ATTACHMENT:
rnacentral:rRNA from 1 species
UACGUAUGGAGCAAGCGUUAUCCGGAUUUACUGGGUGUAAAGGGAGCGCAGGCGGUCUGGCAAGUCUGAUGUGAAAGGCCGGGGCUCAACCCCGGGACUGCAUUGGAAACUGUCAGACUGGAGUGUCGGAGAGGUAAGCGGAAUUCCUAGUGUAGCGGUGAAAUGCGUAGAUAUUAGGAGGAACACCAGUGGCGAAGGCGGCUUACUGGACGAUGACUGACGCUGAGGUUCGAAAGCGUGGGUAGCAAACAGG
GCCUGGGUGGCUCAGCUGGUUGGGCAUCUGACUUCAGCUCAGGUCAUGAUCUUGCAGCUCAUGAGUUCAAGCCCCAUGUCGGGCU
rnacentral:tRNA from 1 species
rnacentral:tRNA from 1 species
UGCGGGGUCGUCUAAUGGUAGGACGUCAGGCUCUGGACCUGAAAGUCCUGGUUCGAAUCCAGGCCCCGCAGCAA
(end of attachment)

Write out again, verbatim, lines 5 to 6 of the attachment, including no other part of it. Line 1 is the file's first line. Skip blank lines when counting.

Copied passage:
rnacentral:tRNA from 1 species
UGCGGGGUCGUCUAAUGGUAGGACGUCAGGCUCUGGACCUGAAAGUCCUGGUUCGAAUCCAGGCCCCGCAGCAA